As Nikolaj is a huge soccer nerd, it was inevitable that we would go and watch football in South America. In Colombia, the best atmosphere was said to be at the home matches of the two Medellín clubs. The first day in town there was a match and we went. In the pouring rain, we "warmed up" in the adjoining streets, drinking local spirits, aguardiente, eating street chicken and singing along to a live heavy metal band's soccer songs. To our pleasant surprise, there was no roof on the stadium, but in return we stood with the home crowd. They gave it FULL throttle with trumpets, drums, banners and dancing and singing throughout the match. We loved every second and are now DIM fans for life, even though the game ended 0-0 and was super boring.
The soccer match frames very well how we experienced Colombia: there is full blast on the speakers with reggaeton music, cold beers and salsa dancing in the rain. And as one tour guide told us, shaking her head almost resignedly, they don't have history in primary school because, according to her, they prefer to forget the country's grim past of violence, drugs and guerrilla warfare (some of which is still going on today).
We fell quite in love with Medellín, which with its tragic history of Voldemort (the locals won't say Pablo Escobar's name out loud), has now turned into a cultural stronghold and tourist magnet. Among the highlights was the Comuna 13 district, which twenty years ago was the world's second most dangerous place after the Gaza Strip. Today, it's a burgeoning area for street artists and much safer to move around.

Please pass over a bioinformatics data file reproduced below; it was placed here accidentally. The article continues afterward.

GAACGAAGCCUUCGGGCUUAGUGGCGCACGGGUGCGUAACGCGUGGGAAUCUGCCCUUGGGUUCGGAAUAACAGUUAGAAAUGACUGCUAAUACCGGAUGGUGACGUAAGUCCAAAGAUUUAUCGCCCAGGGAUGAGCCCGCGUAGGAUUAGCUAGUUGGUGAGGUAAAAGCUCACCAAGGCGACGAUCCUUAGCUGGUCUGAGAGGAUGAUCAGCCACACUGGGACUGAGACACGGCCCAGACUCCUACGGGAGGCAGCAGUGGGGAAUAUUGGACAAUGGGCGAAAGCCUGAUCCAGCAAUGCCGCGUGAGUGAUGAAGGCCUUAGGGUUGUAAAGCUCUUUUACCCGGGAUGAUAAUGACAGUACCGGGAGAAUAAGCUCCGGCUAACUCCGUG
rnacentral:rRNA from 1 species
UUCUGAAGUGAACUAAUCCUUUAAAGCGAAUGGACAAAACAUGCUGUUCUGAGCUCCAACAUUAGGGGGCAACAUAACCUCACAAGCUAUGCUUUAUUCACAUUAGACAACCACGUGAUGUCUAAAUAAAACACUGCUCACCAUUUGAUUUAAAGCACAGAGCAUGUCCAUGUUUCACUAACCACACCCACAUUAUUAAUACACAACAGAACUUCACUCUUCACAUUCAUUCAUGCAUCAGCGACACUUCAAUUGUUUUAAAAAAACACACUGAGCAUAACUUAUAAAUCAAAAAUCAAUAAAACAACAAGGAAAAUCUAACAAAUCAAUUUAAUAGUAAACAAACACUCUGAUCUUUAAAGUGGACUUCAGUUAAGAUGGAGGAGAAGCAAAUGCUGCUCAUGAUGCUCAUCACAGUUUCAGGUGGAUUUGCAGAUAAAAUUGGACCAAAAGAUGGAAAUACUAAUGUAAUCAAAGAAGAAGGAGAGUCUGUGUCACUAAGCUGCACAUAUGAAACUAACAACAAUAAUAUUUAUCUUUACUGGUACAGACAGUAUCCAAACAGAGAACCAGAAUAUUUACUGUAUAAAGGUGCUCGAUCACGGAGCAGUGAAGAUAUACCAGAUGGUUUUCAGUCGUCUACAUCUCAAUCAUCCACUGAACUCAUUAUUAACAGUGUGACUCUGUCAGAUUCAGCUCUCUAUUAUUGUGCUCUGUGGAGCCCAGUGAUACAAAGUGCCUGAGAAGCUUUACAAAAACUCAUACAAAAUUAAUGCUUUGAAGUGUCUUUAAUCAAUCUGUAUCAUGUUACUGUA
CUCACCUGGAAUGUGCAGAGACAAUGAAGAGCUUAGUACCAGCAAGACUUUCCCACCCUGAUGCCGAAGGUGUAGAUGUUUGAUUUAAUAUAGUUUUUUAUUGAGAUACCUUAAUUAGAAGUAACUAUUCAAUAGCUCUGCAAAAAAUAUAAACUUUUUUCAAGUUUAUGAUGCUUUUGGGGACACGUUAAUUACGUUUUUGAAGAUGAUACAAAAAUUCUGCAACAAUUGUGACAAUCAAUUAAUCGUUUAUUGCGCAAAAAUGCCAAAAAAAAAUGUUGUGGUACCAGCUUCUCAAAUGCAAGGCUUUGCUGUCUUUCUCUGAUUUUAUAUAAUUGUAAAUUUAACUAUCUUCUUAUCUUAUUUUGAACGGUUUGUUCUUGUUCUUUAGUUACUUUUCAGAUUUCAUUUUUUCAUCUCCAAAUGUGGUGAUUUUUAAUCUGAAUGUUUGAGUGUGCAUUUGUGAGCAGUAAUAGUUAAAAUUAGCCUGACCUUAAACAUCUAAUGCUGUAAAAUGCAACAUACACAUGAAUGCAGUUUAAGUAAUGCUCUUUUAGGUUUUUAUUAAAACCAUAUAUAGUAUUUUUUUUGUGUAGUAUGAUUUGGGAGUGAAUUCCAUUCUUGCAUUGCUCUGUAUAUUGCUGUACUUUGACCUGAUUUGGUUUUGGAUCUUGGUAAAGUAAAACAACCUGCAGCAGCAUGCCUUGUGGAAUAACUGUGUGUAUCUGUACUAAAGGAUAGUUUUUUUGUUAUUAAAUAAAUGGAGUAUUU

And then there are the colors! While Peru could be a bit gray at times, we really got the colors in Colombia. The coffee town, Salento, we fell in love with straight away: colorful streets and coffee plantations everywhere, what more could you ask for? Guatapé and Cartagena also have a focus on color in the streetscape.
We've been spoiled in Colombia, where the past few weeks have brought warmer temperatures to the Caribbean coast. It helps us slow down a bit and remember to reflect and enjoy our trip a little. Because the truth is also that it's not just all beer and skittles. Upon arrival in the Caribbean coastal town of Santa Marta, we hit a wall. A combination of suddenly higher temperatures (30 degrees), lots of options and a less-than-inviting town took our breath away for a few days. There is an enormous amount of planning to be done all the time when travelling this way. Lots of opt-in and opt-out choices, inputs and warnings from other travellers etc etc. It may sound rather spoiled, but it is still the reality when you want to achieve a lot in a relatively limited time.
But after we climbed over the wall, the surfer/hippie backpacker village of Palomino stands as one of the highlights on the north coast where we really settled down. The same can be said for Isla Grande; a tiny island in the Caribbean Sea off Cartagena despite its name, which we spent four days on. Just as a night in a hammock in Tayrona National Park put things into perspective.
Now we are roughly half way through our adventure, we pack our backpacks for God knows what time, and head for Mexico and Guatemala.